‘We have always encouraged more clinical input via NHS 111, but we recognise the challenges and time it takes to train call handlers in triaging and clinical knowledge.
‘The safety of the patient is always the priority, but with more clinical input NHS 111 would be able to more successfully deliver its core function of helping patients access the right care for them via alternate pathways and reducing crowding in emergency departments.’
An NHS spokesperson said: ‘NHS 111 uses a system of triage which has been developed with and agreed by clinicians and royal colleges – it is designed to ensure people get the appropriate care for their situation based on the answers to their questions at the time of their call.
‘As ever, people who need care should continue to come forward, using NHS 111 online in the first instance and 999 if it is life threatening.’
Health chiefs have urged unwell Brits to continue using the NHS as they usually would, despite current pressures.
This includes calling 999 in response to signs of a heart attack, stroke or breathing difficulties, and call 111 if they need medical help straight away.
It comes amid record demand that has seen emergency care performance stoop to record lows.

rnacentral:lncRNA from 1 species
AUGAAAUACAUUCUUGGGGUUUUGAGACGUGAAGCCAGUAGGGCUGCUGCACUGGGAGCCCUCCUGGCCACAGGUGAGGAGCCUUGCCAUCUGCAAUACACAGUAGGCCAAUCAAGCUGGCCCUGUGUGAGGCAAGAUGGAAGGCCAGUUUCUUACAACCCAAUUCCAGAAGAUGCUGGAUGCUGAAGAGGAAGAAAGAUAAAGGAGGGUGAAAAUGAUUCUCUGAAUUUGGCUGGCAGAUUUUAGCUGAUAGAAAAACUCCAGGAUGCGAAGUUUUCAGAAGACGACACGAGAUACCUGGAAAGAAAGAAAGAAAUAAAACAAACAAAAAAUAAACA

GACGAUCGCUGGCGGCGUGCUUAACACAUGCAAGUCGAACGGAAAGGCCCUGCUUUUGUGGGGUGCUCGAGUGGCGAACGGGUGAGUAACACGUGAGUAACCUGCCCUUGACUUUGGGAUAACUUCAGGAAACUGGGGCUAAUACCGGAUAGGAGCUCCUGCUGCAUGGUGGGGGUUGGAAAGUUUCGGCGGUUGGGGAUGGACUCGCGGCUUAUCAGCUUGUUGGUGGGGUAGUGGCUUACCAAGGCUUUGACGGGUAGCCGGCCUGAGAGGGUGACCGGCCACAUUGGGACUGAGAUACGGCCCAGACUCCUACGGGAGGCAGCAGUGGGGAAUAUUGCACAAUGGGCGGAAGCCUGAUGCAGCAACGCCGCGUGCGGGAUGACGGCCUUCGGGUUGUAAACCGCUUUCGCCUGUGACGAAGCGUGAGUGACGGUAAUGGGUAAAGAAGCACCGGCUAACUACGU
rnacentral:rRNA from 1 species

NHS data showed it took 999 crews nearly 93 minutes, on average, to respond to category 2 calls in England last month. It trumps the worst-ever month for such calls by half-an-hour.
The Royal College of Nursing will hold its strikes over pay on January 18 and 19, as well as February 6 and 7. It joins Unison in five ambulance services on January 23. The Chartered Society of Physiotherapy will also stage strike action on January 26 and February 9
The row is over pay and working conditions, with the RCN demanding a pay rise 5 per cent above RPI inflation — equivalent to a 19 per cent boost (red bar). However, it has consistently indicated that it would accept a lower offer. A 19 per cent rise would see the average nurses’ salary rise from £37,000 to £44,050, while a 10 per cent rise would see it increase to £40,700 (purple bar)
Royal College of Nursing (RCN) General Secretary Pat Cullen, centre, joined members of the RCN on the picket line outside the Royal Victoria Infirmary in Newcastle on December 20, 2022